Best of UNICEF Research 2015

The Office of Research – Innocenti has just released the third edition of its annual publication Best of UNICEF Research 2015. With each edition we learn more about a key element in a global development organization’s effort to gather evidence. Over the course of its existence Best of UNICEF Research has grown in terms of the quality of research represented, the range and complexity of research questions addressed and in the programmatic and geographic scope of the submissions.

Research is an essential part of UNICEF’s effort to improve the situation of the world’s children. Quality data gathering, appraisal and analysis can fuel informed decision making and planning, assess intervention impact, question practices and improve policy discourse. High quality research is carried out across the full breadth of UNICEF offices and locations. But often, especially in country offices, it is undertaken with a sharp focus on how it can support programmes for children in particular contexts. Best of UNICEF Research is now a vital tool for increasing organization-wide learning and sharing about quality research.

 

Read the report here.
Read the report here.

Best of UNICEF Research is also an important exercise in recognizing excellence. Through it we are also identifying many useful lessons about how a decentralized global development organization generates and uses evidence. Everyone engaged in delivering results for children can gain valuable lessons on methods, models and good practices for research. And the timing couldn’t be better.

With development cooperation moving upstream we are increasingly asked to assist in the generation of evidence to improve policies and programmes funded and administered by local authorities.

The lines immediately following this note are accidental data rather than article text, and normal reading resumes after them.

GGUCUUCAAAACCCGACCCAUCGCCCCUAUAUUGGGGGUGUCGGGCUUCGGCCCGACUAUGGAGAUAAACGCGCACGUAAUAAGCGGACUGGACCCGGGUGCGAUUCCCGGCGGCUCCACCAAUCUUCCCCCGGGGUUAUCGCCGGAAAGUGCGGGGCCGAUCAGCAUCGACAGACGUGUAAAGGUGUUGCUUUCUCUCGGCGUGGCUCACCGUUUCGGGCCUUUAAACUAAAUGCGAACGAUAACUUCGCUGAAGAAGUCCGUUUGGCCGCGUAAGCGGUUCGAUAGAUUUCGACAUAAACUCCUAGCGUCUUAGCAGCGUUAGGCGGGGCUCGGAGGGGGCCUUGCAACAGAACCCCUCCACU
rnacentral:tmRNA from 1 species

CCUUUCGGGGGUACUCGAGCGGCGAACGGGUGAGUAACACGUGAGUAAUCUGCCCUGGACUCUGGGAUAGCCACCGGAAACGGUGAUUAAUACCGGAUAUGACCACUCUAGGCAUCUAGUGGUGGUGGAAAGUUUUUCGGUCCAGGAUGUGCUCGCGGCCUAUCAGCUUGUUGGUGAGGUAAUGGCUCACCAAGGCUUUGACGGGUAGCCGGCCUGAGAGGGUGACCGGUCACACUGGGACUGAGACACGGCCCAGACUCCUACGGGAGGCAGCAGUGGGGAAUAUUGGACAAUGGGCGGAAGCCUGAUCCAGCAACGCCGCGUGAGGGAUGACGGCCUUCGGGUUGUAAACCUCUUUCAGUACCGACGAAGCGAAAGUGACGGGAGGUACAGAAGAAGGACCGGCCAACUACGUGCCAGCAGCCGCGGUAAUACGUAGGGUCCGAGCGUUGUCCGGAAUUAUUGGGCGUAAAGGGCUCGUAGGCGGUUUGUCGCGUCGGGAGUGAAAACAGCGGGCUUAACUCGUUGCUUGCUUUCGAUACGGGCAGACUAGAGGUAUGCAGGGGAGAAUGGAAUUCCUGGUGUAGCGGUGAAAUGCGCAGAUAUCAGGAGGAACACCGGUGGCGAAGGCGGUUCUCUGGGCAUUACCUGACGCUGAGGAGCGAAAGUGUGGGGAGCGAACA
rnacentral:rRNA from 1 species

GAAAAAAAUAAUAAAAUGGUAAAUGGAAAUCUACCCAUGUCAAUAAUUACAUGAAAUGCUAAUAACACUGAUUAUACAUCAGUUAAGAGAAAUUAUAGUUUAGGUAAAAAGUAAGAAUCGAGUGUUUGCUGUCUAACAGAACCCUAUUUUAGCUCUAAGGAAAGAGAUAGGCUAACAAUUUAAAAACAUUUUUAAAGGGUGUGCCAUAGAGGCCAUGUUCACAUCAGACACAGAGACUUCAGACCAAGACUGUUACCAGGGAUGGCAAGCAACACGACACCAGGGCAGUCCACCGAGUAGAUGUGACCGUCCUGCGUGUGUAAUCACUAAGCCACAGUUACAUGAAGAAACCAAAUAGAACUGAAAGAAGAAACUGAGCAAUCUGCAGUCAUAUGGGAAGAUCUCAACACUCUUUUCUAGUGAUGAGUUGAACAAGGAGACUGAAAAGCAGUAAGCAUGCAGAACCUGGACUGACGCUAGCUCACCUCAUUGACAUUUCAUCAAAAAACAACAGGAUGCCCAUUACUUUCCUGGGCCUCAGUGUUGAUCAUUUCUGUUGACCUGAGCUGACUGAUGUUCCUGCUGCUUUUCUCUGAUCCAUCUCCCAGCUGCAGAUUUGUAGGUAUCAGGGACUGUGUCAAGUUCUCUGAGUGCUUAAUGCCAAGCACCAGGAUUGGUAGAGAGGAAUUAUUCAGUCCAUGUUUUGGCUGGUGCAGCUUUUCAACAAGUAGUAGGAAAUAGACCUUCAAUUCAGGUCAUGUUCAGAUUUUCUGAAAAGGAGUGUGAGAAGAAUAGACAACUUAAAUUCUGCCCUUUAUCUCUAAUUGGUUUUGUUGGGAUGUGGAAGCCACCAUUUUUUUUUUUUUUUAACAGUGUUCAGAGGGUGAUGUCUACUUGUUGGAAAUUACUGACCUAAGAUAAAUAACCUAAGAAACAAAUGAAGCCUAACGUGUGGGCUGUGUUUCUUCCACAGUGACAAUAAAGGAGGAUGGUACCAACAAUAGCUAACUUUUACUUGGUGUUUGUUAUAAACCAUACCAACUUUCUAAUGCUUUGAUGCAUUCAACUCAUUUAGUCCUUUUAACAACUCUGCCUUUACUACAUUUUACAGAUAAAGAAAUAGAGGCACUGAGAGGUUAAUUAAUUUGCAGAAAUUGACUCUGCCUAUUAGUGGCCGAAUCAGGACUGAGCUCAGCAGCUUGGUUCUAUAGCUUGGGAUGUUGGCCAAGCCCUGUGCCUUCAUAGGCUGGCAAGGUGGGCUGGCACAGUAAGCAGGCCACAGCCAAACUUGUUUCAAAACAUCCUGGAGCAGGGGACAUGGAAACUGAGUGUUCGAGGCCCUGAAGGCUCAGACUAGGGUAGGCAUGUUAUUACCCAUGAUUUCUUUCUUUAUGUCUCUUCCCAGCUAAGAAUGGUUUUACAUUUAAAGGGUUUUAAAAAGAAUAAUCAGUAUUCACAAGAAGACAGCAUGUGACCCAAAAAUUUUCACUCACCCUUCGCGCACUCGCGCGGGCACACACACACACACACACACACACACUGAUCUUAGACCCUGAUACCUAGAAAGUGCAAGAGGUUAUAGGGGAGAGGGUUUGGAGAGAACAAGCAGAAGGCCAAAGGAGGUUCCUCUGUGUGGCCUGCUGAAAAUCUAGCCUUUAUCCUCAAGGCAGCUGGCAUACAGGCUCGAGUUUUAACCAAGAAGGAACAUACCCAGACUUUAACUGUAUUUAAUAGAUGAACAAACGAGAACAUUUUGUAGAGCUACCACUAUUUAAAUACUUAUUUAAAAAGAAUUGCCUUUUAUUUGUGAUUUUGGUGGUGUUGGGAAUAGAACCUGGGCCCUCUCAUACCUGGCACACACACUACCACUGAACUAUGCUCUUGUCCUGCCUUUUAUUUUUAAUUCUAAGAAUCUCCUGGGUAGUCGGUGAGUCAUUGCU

We highly recommend a full read of the Best of UNICEF Research 2015. It provides short synopses of the 12 research projects that emerged from this year’s rigorous selection process. These projects cover traditional and emerging programme areas. They range in geographic focus from global to regional to country level and cover a wide array of research questions, topics and approaches.

In order to whet your appetite here is a quick overview of the Best of UNICEF research 2015:

  • Reducing Newborn Deaths is a systematic assessment of bottlenecks to scaling up essential maternal and newborn healthcare in eight of the countries with the highest number of neonatal deaths.
  • Sanitation in Mali documents the use of a randomized control trial to assess the impact of the well-known “Community Led Total Sanitation” approach to reducing open defecation.
  • Early Childhood Development in East Asia and the Pacific is a multi-year evaluation effort across six countries to test the validity of a region-wide early childhood development scale which measures progress in seven development domains.
  • Emergency Preparedness conducts a rigorous return on investment analysis of emergency preparedness measures in Chad, Madagascar and Pakistan.
  • Child Poverty in South Africa analyzes a wide range of data sources to determine the extent to which children have been caught in poverty traps and recommends interventions to escape the cycle.
  • Food and Nutrition Policy presents a theory-based rapid assessment model for assessing a national government’s commitment to food and nutrition security.
  • Teacher Incentives in Namibia evaluates a scheme to attract qualified teachers to work in rural communities through the provision of financial incentives.
  • Violence in Serbian Schools is one of the largest school surveys ever conducted in that country and gathered data on context-relevant indicators of school violence.
  • Child Grants Lesotho evaluates unconditional cash transfers presenting evidence on a range of positive impacts and making specific policy recommendations.
  • Water and Health Worldwide is a global review to assess the validity of one of the most important indicators for safe drinking water evaluating data from 319 studies representing almost 100,000 water sources.
  • Education in Romania provides an in-depth analysis of the level of public expenditure in education and provides a useful example of how research can support policies on quality and equity in schooling.
  • Violence Against Children in ASEAN Countries assesses the level of compliance of national legislation on violence against children in ten member countries in this sub-region.

We hope you find these examples of new UNICEF research inspiring – whether for the relevance of the findings to your work, or as illuminating examples of how good research, carefully designed to address relevant and timely questions, can accelerate efforts to shape a better future for children everywhere.

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